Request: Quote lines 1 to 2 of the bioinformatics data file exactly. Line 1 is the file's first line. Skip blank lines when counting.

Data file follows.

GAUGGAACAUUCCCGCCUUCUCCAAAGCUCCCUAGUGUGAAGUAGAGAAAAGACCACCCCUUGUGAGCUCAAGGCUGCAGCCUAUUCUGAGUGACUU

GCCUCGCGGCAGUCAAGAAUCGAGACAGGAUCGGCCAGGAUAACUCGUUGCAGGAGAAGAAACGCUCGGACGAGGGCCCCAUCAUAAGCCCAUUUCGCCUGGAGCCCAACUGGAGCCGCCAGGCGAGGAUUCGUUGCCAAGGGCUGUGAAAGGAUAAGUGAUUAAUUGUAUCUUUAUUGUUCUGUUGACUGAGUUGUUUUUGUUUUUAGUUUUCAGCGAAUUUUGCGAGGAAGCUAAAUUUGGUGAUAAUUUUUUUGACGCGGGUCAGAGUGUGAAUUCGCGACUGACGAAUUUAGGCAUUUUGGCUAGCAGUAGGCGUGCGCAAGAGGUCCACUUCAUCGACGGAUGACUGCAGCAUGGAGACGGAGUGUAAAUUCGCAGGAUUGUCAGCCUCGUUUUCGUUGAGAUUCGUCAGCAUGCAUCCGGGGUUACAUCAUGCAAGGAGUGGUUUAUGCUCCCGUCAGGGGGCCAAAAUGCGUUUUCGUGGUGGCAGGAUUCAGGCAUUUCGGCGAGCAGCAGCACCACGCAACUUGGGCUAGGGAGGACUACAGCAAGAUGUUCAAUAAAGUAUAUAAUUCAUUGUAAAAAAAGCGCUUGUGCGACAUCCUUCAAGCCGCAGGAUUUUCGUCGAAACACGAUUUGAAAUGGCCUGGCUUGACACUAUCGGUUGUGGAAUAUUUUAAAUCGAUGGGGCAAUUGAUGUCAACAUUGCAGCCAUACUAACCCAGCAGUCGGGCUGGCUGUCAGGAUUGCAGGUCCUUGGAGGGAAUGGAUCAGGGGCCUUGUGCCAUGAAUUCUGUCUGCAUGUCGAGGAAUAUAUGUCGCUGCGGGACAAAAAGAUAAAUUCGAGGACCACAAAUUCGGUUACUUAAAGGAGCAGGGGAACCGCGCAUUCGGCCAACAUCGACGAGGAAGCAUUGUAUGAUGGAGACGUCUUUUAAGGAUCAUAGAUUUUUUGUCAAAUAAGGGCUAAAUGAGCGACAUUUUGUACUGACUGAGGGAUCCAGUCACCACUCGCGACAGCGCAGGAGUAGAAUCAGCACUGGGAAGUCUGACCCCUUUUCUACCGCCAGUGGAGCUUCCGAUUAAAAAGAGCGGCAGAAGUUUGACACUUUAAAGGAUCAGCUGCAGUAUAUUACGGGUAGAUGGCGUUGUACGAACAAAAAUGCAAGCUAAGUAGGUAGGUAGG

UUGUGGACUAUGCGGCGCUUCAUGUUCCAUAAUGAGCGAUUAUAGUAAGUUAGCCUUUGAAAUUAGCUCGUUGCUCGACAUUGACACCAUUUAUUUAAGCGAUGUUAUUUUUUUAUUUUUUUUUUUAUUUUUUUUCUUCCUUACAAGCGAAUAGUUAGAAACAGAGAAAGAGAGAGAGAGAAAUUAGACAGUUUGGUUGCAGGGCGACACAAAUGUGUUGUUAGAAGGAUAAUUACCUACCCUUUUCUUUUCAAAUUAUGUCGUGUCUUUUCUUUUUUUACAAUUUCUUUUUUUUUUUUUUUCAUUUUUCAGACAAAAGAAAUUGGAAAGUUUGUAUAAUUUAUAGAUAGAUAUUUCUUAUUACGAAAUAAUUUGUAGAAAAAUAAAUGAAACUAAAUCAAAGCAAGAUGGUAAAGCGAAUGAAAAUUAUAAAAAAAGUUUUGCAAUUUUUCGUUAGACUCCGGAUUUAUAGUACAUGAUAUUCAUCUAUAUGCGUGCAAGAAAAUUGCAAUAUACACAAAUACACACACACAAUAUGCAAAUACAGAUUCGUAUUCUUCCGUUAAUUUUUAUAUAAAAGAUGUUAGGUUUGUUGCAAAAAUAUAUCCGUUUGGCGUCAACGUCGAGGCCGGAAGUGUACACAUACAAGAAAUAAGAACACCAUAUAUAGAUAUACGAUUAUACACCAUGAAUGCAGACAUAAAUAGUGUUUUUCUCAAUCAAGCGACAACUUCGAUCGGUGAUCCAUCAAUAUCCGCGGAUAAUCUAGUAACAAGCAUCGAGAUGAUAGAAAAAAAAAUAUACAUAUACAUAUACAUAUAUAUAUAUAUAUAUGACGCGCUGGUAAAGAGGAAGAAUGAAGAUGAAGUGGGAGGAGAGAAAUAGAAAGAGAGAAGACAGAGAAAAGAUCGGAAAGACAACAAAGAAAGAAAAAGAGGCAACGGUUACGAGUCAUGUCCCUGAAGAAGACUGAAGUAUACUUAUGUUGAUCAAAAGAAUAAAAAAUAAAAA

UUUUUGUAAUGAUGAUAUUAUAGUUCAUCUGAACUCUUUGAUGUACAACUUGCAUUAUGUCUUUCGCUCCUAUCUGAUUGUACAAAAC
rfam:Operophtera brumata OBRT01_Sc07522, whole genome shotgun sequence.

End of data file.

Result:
GAUGGAACAUUCCCGCCUUCUCCAAAGCUCCCUAGUGUGAAGUAGAGAAAAGACCACCCCUUGUGAGCUCAAGGCUGCAGCCUAUUCUGAGUGACUU

GCCUCGCGGCAGUCAAGAAUCGAGACAGGAUCGGCCAGGAUAACUCGUUGCAGGAGAAGAAACGCUCGGACGAGGGCCCCAUCAUAAGCCCAUUUCGCCUGGAGCCCAACUGGAGCCGCCAGGCGAGGAUUCGUUGCCAAGGGCUGUGAAAGGAUAAGUGAUUAAUUGUAUCUUUAUUGUUCUGUUGACUGAGUUGUUUUUGUUUUUAGUUUUCAGCGAAUUUUGCGAGGAAGCUAAAUUUGGUGAUAAUUUUUUUGACGCGGGUCAGAGUGUGAAUUCGCGACUGACGAAUUUAGGCAUUUUGGCUAGCAGUAGGCGUGCGCAAGAGGUCCACUUCAUCGACGGAUGACUGCAGCAUGGAGACGGAGUGUAAAUUCGCAGGAUUGUCAGCCUCGUUUUCGUUGAGAUUCGUCAGCAUGCAUCCGGGGUUACAUCAUGCAAGGAGUGGUUUAUGCUCCCGUCAGGGGGCCAAAAUGCGUUUUCGUGGUGGCAGGAUUCAGGCAUUUCGGCGAGCAGCAGCACCACGCAACUUGGGCUAGGGAGGACUACAGCAAGAUGUUCAAUAAAGUAUAUAAUUCAUUGUAAAAAAAGCGCUUGUGCGACAUCCUUCAAGCCGCAGGAUUUUCGUCGAAACACGAUUUGAAAUGGCCUGGCUUGACACUAUCGGUUGUGGAAUAUUUUAAAUCGAUGGGGCAAUUGAUGUCAACAUUGCAGCCAUACUAACCCAGCAGUCGGGCUGGCUGUCAGGAUUGCAGGUCCUUGGAGGGAAUGGAUCAGGGGCCUUGUGCCAUGAAUUCUGUCUGCAUGUCGAGGAAUAUAUGUCGCUGCGGGACAAAAAGAUAAAUUCGAGGACCACAAAUUCGGUUACUUAAAGGAGCAGGGGAACCGCGCAUUCGGCCAACAUCGACGAGGAAGCAUUGUAUGAUGGAGACGUCUUUUAAGGAUCAUAGAUUUUUUGUCAAAUAAGGGCUAAAUGAGCGACAUUUUGUACUGACUGAGGGAUCCAGUCACCACUCGCGACAGCGCAGGAGUAGAAUCAGCACUGGGAAGUCUGACCCCUUUUCUACCGCCAGUGGAGCUUCCGAUUAAAAAGAGCGGCAGAAGUUUGACACUUUAAAGGAUCAGCUGCAGUAUAUUACGGGUAGAUGGCGUUGUACGAACAAAAAUGCAAGCUAAGUAGGUAGGUAGG